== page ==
During a wide-ranging talk Thursday night in Morgantown, W.Va., Newark Mayor Cory Booker said he thought obesity was the leading crisis in America. "Talk in the nation recently has been gun violence," he said to the hundreds gathered. "But what's killing folks in America, one of the leading causes of death, is obesity-related diseases. And not only is that killing us; we are dying as a society. This conversation has to get a little more earnest in our nation." His talk was part of the "Festival of Ideas" lecture series at West Virginia University.
This all comes on the heels of a busy week for obesity, politics and the state of New Jersey. Governor Chris Christie's weight has become a topic of national conversation now that he is widely believed to be seeking higher office in coming years. Earlier in the week, Christie appeared on the "Late Show with David Letterman," where he talked candidly (and often humorously) about his weight issues. On Wednesday, in response to a former White House doctor who said Christie was so obese he could die in office, the governor responded tersely with two words: Shut up. And at a press conference Thursday, Booker announced a new citywide initiative that would give Newark employees discounts to Weight Watchers programs.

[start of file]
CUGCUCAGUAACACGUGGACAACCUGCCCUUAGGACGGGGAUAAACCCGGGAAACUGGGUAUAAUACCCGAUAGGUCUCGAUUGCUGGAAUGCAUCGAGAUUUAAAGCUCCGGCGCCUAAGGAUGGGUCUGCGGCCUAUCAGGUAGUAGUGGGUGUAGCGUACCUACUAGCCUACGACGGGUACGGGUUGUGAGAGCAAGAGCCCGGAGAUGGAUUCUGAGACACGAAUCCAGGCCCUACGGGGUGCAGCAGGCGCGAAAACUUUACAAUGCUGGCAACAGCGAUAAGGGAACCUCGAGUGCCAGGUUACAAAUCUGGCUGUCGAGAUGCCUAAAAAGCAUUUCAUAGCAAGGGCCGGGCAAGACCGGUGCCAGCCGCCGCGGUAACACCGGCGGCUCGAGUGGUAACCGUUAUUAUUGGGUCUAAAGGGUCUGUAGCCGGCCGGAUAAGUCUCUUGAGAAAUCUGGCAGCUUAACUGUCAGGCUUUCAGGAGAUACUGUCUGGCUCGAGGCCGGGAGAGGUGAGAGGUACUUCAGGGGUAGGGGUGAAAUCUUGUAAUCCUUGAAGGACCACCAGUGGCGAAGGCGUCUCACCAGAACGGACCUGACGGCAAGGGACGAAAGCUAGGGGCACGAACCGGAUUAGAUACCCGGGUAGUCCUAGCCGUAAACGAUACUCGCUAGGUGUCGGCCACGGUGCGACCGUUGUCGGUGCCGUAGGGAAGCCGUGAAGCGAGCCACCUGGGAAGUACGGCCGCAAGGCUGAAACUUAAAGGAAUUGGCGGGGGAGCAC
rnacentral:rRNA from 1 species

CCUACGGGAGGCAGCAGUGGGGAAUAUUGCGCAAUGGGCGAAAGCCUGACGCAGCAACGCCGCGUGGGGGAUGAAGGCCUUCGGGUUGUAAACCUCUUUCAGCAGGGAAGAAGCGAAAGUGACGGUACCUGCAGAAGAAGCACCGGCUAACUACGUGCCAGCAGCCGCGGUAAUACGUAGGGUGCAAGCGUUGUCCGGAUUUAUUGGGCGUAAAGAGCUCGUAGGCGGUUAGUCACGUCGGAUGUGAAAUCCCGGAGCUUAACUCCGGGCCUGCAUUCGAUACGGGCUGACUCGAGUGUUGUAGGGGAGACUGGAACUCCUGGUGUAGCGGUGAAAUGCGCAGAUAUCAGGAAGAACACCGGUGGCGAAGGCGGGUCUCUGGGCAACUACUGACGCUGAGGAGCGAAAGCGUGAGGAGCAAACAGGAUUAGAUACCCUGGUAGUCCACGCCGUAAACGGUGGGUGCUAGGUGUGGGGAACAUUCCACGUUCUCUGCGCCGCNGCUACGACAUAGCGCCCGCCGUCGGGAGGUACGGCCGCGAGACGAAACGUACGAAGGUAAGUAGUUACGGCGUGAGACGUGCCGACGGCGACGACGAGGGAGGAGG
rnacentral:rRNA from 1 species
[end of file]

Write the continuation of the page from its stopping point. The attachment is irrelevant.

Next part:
Newark has an obesity rate of 26 percent. West Virginia, where Booker gave his speech, has an obesity rate of 32.5 percent, according to statistics from the Centers for Disease Control and Prevention. "I'm a data-driven guy," Booker said. "The obesity rates amongst our children are astonishingly high."
Healthy eating is a passion for the Newark mayor, who is a vegetarian and has publicly battled recent weight gain. At the WVU speech, Booker admitted to "going home at night and having an illicit relationship with these two guys — Ben and Jerry." He nostalgically recalled his more "chiseled" days when he played football at Stanford University. He now serves as vice-chair on first lady Michelle Obama's Partnership for a Healthier America initiative. "The reality of what we consume now is outrageous," he told the crowd at WVU. "Serving sizes that we consume, sugar that's in our diet, corn syrup. We are subsidizing unhealthy foods. We subsidize corn, which is in everything."
Healthy eating is the latest of many passions of Newark's mayor. With more than 1.3 million Twitter followers, Booker has revolutionized modern-day politicking by responding personally to his constituents. (He's even created his own social network, WayWire.) When his city was struck by a major snowstorm, residents tweeted the mayor to come over and shovel their driveway. He offered his home as a shelter after Superstorm Sandy, wrangled truckloads of Hot Pockets for his hungry constituents, rescued a freezing dog, and lived on food stamps for a week in solidarity with New Jersey residents who subsist on little. Not to mention that time he saved a woman from a burning building.
Booker's visit to West Virginia is just the latest stop in what seems like a never-ending national tour. Indeed, it has become a common complaint among some Newark residents that Booker spends too much time being "America's mayor." A Democrat, Booker has indicated he plans to run for the U.S. Senate in 2014. At Thursday night's event, a WVU student echoed many when he said he hopes to see the mayor run for president one day. Booker's response? "I appreciate you saying that. Thank you very much."